This book retraces the voyages of Captain James Cook, the Yorkshire farm boy who drew the map of the modern world. Captain James Cook's three epic journeys in the eighteenth century were the last great voyages of discovery. His ships sailed 150,000 miles, from the Arctic to the Antarctic, from Tasmania to Oregon, from Easter Island to Siberia. When Cook set off for the Pacific in 1768, a third of the globe remained blank. By the time of his violent death in Hawaii in 1779, the map of the world was substantially complete. Tony Horwitz vividly recounts Cook's voyages and the exotic scenes the captain encountered: tropical orgies, taboo rituals, cannibal feasts, human sacrifice. He also relives Cook's adventures by traveling in the captain's wake to such places as Tahiti, Savage Island, and the Great Barrier Reef along the way, he discovers Cook's embattled legacy in the present day. Signing on as a working crewman aboard a replica of Cook's vessel, Horwitz experiences the thrill and terror of sailing a tall ship. He also explores Cook the man: an impoverished farm boy who broke through the barriers of his class and time to become the greatest navigator in British history.
This is the current state of affairs as explained by Tony Horwitz, who not only read about and thoroughly researched the subject of Cook's voyages, which were undertaken between 1768 and 1799, but made an attempt to visit many of the places that were significant in his travels. By interviewing local residents and dignitaries, Horwitz deepened his own understanding of how the Cook voyages could leave such widely divergent reactions. Cook remains a hero in Britain, but is reviled throughout Polynesia, and even 18th century Americans took a dim view of his legacy. Of course, this was at a time when America was trying to throw off the shackles of British rule and so their viewpoint was highly prejudiced. But then they turned around and added to the burdens suffered throughout the Pacific by the influx of well-meaning missionaries who did great damage to local culture in their efforts to introduce Christianity and stamp out any vestiges of indigenous religion.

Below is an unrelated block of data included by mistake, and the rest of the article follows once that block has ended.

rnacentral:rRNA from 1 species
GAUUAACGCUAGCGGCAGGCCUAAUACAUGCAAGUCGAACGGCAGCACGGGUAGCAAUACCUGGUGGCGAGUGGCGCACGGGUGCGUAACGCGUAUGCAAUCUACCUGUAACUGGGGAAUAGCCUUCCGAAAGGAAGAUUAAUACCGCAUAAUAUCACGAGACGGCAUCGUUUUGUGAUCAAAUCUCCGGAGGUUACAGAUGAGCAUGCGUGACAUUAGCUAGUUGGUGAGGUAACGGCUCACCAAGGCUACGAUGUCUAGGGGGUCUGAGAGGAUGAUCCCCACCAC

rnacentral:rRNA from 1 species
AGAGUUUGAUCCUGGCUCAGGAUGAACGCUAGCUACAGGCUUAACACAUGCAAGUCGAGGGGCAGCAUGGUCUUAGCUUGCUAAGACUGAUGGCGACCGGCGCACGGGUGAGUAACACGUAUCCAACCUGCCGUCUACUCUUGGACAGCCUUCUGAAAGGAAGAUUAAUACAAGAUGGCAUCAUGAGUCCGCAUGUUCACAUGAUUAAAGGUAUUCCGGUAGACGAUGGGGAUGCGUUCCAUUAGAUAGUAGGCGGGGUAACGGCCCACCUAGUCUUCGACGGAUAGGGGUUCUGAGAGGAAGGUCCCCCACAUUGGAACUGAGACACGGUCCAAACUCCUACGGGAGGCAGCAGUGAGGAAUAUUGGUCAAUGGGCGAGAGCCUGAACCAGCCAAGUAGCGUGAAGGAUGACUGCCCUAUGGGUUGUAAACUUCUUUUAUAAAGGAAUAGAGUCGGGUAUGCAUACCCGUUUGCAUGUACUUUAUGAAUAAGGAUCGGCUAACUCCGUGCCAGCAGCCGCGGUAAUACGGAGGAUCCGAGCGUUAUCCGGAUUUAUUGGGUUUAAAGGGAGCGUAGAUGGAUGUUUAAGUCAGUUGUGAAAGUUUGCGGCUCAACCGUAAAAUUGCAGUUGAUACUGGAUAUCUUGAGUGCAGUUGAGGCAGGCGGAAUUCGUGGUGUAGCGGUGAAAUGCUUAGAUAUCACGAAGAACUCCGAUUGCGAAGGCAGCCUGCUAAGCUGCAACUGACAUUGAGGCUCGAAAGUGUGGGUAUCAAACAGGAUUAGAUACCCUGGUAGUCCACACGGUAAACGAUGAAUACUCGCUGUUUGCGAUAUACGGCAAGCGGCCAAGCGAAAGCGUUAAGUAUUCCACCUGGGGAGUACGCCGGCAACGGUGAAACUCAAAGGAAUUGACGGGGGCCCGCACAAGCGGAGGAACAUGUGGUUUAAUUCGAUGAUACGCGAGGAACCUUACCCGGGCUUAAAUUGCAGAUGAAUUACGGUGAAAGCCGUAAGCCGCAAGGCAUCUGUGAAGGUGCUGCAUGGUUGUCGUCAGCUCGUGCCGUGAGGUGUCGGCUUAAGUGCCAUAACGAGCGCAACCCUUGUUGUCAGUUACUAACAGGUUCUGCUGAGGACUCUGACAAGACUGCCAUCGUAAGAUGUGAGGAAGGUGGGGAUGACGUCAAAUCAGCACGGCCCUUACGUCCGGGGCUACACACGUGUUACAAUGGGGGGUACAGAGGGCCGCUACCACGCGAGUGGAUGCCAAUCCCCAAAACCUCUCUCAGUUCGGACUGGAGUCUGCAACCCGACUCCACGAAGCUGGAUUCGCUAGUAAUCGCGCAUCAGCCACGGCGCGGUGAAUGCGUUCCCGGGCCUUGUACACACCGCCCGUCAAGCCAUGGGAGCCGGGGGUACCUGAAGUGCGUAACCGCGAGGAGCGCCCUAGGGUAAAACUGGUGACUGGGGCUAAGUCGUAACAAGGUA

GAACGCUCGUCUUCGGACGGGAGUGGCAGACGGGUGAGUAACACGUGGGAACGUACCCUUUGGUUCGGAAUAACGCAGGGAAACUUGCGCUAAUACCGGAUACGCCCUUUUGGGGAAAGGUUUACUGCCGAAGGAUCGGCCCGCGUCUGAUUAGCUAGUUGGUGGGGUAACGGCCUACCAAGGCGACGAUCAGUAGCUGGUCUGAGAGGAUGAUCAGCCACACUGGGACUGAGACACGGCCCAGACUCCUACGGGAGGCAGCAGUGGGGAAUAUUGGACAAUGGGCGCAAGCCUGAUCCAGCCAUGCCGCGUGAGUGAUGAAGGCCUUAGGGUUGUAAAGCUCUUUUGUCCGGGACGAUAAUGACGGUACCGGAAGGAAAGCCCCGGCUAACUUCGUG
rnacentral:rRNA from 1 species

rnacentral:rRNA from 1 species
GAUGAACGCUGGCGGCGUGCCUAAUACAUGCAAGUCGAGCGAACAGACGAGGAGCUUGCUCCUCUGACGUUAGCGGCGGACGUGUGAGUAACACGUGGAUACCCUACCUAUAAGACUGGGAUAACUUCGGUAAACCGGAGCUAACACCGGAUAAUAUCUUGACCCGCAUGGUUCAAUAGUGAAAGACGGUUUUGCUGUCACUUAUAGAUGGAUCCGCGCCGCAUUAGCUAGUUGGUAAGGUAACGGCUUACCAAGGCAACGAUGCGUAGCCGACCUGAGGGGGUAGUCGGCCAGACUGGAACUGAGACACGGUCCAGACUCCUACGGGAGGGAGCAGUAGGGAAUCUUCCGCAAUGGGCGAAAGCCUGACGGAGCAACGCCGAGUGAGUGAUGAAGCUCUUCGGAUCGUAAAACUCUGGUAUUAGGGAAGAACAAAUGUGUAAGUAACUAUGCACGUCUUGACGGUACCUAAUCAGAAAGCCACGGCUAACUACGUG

So exploration and discovery have acquired a bad name, which is a shame because western civilization was greatly benefited by the people who had the courage to go into what was for them the unknown. There are no easy answers to the philosophical questions raised in this context. Unintended consequences are seldom anticipated and certainly it was not Cook's intention to inflict harm. He is blamed for much that he actually tried to prevent once it became apparent to him that the mingling of his crews with local populations was inflicting harm.
Be all this as it may, Horwitz has produced a tremendously interesting account, mingling the story of Cook, the man and leader, with his own present day investigations. From conversations with drugged-up hippies at one extreme to the King of Tonga at the other, and many colorful personalities in between, Horwitz manages to give us a feel for the situation on the ground throughout Polynesia, New Zealand, the east coast of Australia and the Aleutian Islands of Alaska — both now and at the time of Cook's visits.